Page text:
The GOSPELLERS Reflect on Their Pilgrimage in Germany
The GOSPELLERS sang around Germany for 2½ weeks in June and July.
Building bridges across countries through the shared love of gospel music
By Don Tubesing
This is the picture I take back home with me in my soul. Seven gorgeous people (ah, but those two words are redundant!) from right to left are as follows. (In the chaos and without a pen, I did not get their names down, but the beauty is there.)
German Host mom (Wiese) and refugee women/sisters/daughters
Brother KC — Wisconsin
Sister Carolyn — New York Iraq
This is what God’s created world looks like!
…and this is our job to make it so over and over again.
An amazing experience!
By Cathy Jones
Not a day goes by that I don’t tell another person (many times total strangers) about our amazing experience in Germany.
I say experience rather than trip because the experience was as high for me as the most amazing memory I have of summer camp as a child.
So many relationship levels were and are – touched for me – personally, between WI Gospellers, between New York and Wisconsin Gospellers, Germans and Americans, Americans and host families, the young and young at heart …!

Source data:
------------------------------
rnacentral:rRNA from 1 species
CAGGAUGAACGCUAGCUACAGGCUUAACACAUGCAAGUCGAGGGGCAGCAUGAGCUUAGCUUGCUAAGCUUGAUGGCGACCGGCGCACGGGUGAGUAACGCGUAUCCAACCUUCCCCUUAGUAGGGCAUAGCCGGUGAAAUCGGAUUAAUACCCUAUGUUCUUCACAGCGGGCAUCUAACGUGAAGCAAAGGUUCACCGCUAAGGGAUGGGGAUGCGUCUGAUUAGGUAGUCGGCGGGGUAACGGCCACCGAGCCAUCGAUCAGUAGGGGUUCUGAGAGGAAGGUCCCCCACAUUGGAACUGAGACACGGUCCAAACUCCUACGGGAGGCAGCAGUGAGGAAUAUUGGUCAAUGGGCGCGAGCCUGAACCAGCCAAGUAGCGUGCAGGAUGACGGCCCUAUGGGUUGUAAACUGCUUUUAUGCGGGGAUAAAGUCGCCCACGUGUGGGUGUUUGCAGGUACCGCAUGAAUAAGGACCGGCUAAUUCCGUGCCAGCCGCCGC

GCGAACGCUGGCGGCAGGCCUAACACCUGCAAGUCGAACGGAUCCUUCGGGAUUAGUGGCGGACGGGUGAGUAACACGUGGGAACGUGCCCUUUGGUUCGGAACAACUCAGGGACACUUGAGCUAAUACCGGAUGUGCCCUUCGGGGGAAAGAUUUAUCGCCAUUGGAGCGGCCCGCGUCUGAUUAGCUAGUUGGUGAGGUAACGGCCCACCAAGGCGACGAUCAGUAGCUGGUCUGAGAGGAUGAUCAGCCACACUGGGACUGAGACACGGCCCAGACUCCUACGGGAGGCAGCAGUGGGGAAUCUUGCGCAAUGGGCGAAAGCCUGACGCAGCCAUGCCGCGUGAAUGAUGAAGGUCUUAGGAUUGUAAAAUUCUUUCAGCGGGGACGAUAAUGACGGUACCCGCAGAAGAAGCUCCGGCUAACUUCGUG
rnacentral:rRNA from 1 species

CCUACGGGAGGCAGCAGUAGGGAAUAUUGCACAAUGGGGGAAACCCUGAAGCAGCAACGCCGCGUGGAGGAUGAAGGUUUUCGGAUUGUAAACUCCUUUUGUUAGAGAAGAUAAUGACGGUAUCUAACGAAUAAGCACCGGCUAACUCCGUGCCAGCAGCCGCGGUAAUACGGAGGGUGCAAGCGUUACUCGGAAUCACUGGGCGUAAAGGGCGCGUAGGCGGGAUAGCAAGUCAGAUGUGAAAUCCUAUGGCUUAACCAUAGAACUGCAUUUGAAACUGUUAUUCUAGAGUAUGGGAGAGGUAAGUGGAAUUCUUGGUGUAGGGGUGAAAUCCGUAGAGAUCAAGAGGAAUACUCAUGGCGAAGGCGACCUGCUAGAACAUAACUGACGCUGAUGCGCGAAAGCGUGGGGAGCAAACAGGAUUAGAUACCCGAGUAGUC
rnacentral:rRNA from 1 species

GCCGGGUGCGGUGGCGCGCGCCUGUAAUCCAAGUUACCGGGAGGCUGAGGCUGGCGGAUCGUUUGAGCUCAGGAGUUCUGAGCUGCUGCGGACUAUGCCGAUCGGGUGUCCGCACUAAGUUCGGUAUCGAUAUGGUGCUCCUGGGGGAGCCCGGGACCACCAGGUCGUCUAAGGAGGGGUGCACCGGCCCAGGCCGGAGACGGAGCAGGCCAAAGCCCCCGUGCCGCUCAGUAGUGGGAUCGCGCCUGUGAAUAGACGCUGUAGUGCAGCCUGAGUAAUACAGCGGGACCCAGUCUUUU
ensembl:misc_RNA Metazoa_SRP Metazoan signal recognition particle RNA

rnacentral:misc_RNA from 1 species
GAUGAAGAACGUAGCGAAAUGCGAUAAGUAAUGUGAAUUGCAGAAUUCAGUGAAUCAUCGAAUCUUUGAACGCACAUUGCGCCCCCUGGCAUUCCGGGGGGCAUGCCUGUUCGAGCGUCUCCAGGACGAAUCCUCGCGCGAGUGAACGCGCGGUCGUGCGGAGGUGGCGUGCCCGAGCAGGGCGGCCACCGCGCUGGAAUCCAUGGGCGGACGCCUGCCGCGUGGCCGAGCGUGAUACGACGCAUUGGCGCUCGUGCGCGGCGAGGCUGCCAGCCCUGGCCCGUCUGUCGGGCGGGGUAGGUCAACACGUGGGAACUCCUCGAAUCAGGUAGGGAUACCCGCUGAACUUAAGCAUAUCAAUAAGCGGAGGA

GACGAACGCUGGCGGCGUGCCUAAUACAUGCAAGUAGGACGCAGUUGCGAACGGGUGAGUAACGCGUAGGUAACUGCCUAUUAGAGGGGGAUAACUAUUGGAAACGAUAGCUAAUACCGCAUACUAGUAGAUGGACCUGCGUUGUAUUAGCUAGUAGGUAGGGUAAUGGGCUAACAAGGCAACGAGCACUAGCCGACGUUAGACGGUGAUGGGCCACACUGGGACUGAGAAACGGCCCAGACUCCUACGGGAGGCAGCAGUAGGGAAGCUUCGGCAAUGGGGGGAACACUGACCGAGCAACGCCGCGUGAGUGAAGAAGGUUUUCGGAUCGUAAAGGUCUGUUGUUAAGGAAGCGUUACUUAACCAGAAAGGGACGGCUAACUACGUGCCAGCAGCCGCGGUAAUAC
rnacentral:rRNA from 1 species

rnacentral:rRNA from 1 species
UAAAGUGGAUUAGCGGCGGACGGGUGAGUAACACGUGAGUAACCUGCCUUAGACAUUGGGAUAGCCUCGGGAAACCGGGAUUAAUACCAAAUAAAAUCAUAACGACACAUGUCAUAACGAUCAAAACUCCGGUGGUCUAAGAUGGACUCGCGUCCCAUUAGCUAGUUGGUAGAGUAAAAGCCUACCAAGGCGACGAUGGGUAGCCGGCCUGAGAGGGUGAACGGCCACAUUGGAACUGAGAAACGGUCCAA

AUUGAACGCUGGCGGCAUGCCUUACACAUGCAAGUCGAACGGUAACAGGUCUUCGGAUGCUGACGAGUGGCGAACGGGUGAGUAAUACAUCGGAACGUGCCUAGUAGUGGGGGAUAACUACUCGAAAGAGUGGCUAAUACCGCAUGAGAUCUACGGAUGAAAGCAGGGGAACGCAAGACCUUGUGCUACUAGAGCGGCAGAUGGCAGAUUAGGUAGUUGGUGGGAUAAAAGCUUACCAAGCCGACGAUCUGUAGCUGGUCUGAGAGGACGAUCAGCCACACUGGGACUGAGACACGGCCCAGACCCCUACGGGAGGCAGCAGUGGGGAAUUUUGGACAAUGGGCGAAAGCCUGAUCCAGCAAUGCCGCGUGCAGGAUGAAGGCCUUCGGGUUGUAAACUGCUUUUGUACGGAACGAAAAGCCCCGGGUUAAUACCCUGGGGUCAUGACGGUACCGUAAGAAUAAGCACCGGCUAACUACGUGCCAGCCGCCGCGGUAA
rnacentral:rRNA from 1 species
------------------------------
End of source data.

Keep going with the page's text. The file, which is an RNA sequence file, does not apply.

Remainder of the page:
From our director…
By Martin Ulrich
I just wanted to thank you all for doing such an amazing job, both musically and socially! You sounded great, and have formed some fantastic new relationships.
We have quite an amazing ministry here, when you consider that we are doing is just what our mission envisions: to bridge cultural divides and touch souls.
Some of the moments that will remain in my memory for a long time.
- the fire in the eyes of the Frankenberg orchestral musicians during He Never Failed Me
- the open-mouthed awe of the little girl in the front row in Kalkar when KC and Carolyn were singing the Never Failed Me Vamp
- the unbridled joy of the people in Wiehe as we Broke Bratwürste Together
- of course, that coming together of those young women in the picture with Don Tubesing’s reflection, all of whom have felt both the tragedy of displacement and the tenuous hope of a new belonging
- the gorgeous tone quality of the sopranos and altos at the beginning of Dirait-on
- the moment when the tenors finally nailed what Jesus said to Dicodemus
- when Markus Wagener in Frankenberg said “I didn’t expect you to be THAT good”
- when so many of you said how close you had gotten to your host families
- the tears in the eyes of some of the hosts when we left Frankenberg, and Essen
We now have a musical ministry that is working on bridging the divides between African-American and (sort of) German-American, US and Germany, Afghanistan, Eritrea, Iraq and Syria.